It might seem like a simple equation to most people. If I give the newsagent £2, they let me have the chance of winning millions. The difference that a few million pounds would make to most of our lives is huge, it would be like starting over again, but this time playing the game of life on really, really easy mode.
There are a few billionaires who probably would not even notice the difference in the numbers their accountants are giving them, but we do not care about them.
The outcome of winning the lottery would be out of this world. Nothing would ever be the same again. I would almost instantly call the boss and quit on the spot. I would definitely call the bank and my credit cards and cut those bad boys up. Gone, I would never need those people again. I would be banking with a different calibre of people from now on.
The benefits would be massive but I’m sure that I would get a few hundred phone calls and begging emails from long lost friends and old acquaintances.
Anyway, this is all a moot point if I can not afford to play the lottery. If I was to buy one ticket every Saturday, that would cost me £104 a year. I’m unlikely to win it in the first year and even more unlikely to win it in the next nine years. So if I plan to play and not win within ten years, then I’m £1040 down immediately.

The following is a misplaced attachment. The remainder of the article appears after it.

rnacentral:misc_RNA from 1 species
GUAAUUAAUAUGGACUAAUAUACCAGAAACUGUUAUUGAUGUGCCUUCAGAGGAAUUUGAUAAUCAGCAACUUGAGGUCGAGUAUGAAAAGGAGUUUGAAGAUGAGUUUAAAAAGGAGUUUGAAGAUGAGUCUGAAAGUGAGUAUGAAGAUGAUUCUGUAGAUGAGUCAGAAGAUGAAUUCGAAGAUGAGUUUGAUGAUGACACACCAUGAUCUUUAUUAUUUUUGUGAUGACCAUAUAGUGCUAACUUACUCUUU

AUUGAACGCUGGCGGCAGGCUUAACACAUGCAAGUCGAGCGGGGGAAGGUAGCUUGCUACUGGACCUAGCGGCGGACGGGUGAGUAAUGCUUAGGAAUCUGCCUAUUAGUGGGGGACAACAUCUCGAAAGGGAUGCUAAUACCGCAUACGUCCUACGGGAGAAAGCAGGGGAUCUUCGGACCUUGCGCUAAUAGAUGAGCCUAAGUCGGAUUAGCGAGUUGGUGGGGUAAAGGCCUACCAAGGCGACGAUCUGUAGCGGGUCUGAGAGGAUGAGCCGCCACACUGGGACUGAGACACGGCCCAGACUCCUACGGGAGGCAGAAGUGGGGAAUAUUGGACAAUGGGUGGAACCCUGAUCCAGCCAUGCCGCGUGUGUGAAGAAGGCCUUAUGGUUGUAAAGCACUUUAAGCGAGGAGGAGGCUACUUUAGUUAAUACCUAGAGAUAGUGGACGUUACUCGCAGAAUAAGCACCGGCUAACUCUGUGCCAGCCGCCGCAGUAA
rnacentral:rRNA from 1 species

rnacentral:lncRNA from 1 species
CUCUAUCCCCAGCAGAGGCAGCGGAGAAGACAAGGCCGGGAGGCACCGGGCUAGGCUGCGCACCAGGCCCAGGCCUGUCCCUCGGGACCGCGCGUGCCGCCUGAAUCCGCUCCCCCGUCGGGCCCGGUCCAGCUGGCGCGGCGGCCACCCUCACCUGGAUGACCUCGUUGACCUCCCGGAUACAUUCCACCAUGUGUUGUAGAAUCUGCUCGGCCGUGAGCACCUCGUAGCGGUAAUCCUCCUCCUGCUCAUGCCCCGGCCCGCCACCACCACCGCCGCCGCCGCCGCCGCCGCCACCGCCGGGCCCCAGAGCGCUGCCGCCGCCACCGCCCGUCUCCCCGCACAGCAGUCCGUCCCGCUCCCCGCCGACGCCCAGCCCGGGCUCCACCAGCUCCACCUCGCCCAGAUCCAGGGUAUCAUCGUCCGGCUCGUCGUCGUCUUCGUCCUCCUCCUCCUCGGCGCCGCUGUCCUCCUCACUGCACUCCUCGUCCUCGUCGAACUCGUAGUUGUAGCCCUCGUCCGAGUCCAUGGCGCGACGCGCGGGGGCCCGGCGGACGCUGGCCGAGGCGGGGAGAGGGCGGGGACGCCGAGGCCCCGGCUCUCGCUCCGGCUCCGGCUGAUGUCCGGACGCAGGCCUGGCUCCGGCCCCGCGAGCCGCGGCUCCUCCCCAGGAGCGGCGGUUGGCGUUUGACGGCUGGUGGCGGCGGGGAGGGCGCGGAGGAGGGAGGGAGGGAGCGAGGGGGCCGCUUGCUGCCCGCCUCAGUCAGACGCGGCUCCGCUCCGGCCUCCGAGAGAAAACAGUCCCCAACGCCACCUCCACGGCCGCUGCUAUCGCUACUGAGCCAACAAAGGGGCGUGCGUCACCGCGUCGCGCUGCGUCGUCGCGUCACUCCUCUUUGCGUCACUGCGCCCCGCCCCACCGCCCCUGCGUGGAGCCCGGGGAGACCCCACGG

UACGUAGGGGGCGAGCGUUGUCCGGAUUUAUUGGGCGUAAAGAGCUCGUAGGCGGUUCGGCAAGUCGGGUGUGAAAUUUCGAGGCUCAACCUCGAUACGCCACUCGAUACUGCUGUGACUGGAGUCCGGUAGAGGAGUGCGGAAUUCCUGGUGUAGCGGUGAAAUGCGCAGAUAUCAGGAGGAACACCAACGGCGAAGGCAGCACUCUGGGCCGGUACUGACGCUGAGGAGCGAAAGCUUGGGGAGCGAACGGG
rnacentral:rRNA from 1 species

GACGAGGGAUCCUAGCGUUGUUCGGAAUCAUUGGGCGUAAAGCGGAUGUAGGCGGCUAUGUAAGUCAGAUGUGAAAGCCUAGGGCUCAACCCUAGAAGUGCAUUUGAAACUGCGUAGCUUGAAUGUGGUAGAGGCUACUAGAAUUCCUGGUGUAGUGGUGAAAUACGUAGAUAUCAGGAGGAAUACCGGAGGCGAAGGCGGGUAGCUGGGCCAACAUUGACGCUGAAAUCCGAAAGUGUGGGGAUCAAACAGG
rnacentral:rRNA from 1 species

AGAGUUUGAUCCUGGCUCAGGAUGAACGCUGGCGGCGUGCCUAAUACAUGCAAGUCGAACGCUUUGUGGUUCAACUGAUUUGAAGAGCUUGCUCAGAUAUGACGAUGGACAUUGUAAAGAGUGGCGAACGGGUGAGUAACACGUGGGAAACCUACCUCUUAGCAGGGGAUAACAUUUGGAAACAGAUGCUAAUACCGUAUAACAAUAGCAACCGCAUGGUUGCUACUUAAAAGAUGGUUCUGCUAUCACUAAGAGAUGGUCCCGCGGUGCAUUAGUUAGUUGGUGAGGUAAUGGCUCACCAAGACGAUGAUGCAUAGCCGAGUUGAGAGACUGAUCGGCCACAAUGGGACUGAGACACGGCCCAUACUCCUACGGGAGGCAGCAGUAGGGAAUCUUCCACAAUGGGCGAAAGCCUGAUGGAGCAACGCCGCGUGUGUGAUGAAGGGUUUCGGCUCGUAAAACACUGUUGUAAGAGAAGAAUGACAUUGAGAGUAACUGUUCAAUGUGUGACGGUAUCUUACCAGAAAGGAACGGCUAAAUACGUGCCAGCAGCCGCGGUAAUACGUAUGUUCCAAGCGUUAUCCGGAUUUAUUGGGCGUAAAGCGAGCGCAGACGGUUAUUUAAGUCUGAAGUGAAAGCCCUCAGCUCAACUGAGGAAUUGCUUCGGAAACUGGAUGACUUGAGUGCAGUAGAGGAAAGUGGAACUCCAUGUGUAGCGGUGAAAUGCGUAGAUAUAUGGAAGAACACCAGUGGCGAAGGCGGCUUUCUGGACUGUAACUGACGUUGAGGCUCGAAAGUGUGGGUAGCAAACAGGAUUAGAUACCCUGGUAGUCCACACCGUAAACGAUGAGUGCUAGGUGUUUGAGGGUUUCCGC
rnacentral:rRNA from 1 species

Then you take into account the Wednesday lottery and that immediately doubles to £2080 a year. And if I’m playing the National Lottery, I might just as well play the Euro Millions, it is a much bigger prize and would be nice to win. The Euro Millions is £2.50 a ticket and also has two chances a week to play.
Over the course of a year, I would be paying £260 to play both times and this would be £2600 over the ten-year plan. Adding that all together and it is going to cost me £3640 over ten years to play the two lotteries twice a week over ten years.
Now can I afford £3640 to almost waste on the lottery? What else would that kind of money buy me? I could take my husband to Barbados for a week in a five star all inclusive resort. I could take 15 of my friends to the Fat Duck for Heston’s Taster Menu. If I really felt like it, I could buy 9,100 white chocolate bars and walk around pretending to be the Milk bar kid.
Or I could simply put that money in a saving account each week, if I can find one which gives me 5% annually, I would have £4811 at the end of my ten-year plan.
The question really then becomes, not if I can afford to play the lottery but more, what would I do with the money if I didn’t play.